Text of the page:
RED HILL, S.C. - For Steve Wilhelm and Beth LeMaster, the black of burned stumps and logs and the charred bark of tall pines are signs of a forest on the road back to ecological health.
The U.S. Forest Service rangers say fire, applied regularly in small, low-intensity doses, can be the forest's best friend, a check against the dangerous buildup of tinder-dry fuels that can feed an uncontrollable blaze.
Better to burn now, creating a healthier habitat for trees, deer, turkey and quail, than risk a wildfire later. And burning more of the Sumter National Forest, much of which lies in Edgefield and McCormick counties, is exactly what the Forest Service aims to do, torching as much as 36,700 acres in a plan enacted in January and bitterly opposed by environmentalists.
It also plans to set burns with state foresters on private land and in state parks and to link up with the Army Corps of Engineers near the shoreline of Lake Thurmond, raising the likelihood that lakefront homeowners will have a higher exposure to smoke and ash.
Doubling the smoke also will have an impact on the thousands of mountain bikers, hunters, equestrians, campers, fishers, bird watchers and hikers, some of whom don't seem to mind.
Paul Farrow, of Martinez, the president of the Augusta-area chapter of the Southern Off-Road Bicycle Association, said a shot of smoke is a fair trade for a chance to see a deer and the dip and roll of the land.
"Who wants to walk or ride through a forest where all you can see is four feet in front of you?" said Mr. Farrow, 48, an engineer at Savannah River Site. "You get a chance to see wildlife. If it was a wall of green, you couldn't see a thing."
More smoke is also in the offing for the increasing number of refugees from around Augusta and Aiken who are buying up private timber tracts and farmland that honeycomb Sumter's Long Cane Ranger District, which includes the western third of Edgefield County and most of McCormick County.
Only 28 percent of its 424,263 acres is federally owned.
"People like to get out here in that country. They want to get away from it all," said David Satcher, of Edgefield, a real estate agent for Atlantic Coast Properties, who says he is seeing more sales from Richmond, Columbia and Aiken counties. "A lot of people like to have that national forest as a neighbor. They just feel like there'll be that many less people moving in on them down the road."
Fighting fire with fire is not a new notion in Southern forests.
"Fire is a natural phenomenon," said Mrs. LeMaster, the chief ranger of the Long Cane district. Whether caused by lightning or by man, fires have long thinned the forest.
"Forest ecosystems throughout the South have been created by fire," said David Van Lear, a Clemson University professor and one of the nation's leading fire ecologists. "Fire was the predominant ecological process that shaped the Southern landscape."
He said American Indians in the South regularly burned the forest to clear farmland, create tastier forage for deer and other game, control insects and other pests and cut lanes of travel that also made it difficult for an enemy to creep up on a village.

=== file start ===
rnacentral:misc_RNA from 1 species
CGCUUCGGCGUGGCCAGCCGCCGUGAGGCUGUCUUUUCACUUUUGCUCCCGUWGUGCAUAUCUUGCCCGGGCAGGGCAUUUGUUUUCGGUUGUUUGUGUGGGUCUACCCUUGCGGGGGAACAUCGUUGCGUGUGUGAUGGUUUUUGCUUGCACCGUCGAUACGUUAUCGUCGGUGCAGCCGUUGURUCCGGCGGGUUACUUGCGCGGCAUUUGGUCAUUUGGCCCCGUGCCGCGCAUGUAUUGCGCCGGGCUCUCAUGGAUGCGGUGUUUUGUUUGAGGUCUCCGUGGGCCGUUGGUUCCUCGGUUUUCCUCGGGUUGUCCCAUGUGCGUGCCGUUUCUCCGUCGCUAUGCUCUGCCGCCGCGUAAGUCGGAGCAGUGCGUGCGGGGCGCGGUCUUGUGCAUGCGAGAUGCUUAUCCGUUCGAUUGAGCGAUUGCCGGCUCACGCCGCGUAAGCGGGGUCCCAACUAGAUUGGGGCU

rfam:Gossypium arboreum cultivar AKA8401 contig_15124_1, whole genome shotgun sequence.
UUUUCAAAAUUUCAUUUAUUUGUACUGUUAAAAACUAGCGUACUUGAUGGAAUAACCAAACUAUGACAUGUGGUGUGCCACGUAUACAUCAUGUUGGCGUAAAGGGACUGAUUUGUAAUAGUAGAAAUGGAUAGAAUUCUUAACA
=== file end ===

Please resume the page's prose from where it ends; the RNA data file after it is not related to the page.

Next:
Not so, argues environmental attorney Steve Novak of WildLaw, an Alabama nonprofit organization that drew up a lengthy appeal of the Sumter plan on behalf of the Sierra Club and other organizations. In the wet forests of the South, fire was a relatively infrequent visitor.
"We disagree strongly with the notion that the Cherokee were firebugs," he said.
In their appeal, environmentalists say the increased use of controlled burns on Sumter's three widely scattered South Carolina districts is based on faulty science. It is also a wrong-headed application of a Western cure for an Eastern forest, they say.
Under the banner of improving the health of the forest, prescribed burns and tree thinning are just a clever cover for what the agency is really all about - logging, environmentalists contend.
Nevertheless, the Forest Service is moving ahead.
What Mrs. LeMaster and other foresters want is a forest of fewer trees spaced by open ground - a return to the parklike mix of grasslands and tall trunks encountered by the Spanish conquistadors in the 1500s and detailed by wandering 18th-century botanist John Bartram and his son William.
As she checks the condition of a 300-acre stand burned by one of Mr. Wilhelm's crews in April, Mrs. LeMaster notes that it burned hotter and higher than ideal, charring bark about 20 feet above the ground while killing younger loblolly pines, brush, sweet gums and red oak. It also blackened the forest floor, but didn't roast tree roots or kill the seeds and nutrients embedded in the soil.
Mrs. LeMaster and Mr. Wilhelm seem satisfied with the success of this burn and the new green that's bursting out of the black.
"We purposely don't want it to burn everything," Mr. Wilhelm said. "When it's hot and dry, everything will burn and you just have bare dirt, and that soil moves whether it's farming or fire. That's your future forest and it's not what we want."
In 2002, 3,567 wildfires in South Carolina burned 30,943 acres, according to the National Interagency Fire Center in Boise, Idaho. In Georgia, 7,179 wildfires burned 159,951 acres. In contrast, there were fewer wildfires in Colorado that year, 3,072, but they burned 915,291 acres.
Reach Jim Nesbitt at (803) 648-1395, ext. 111, or email@example.com.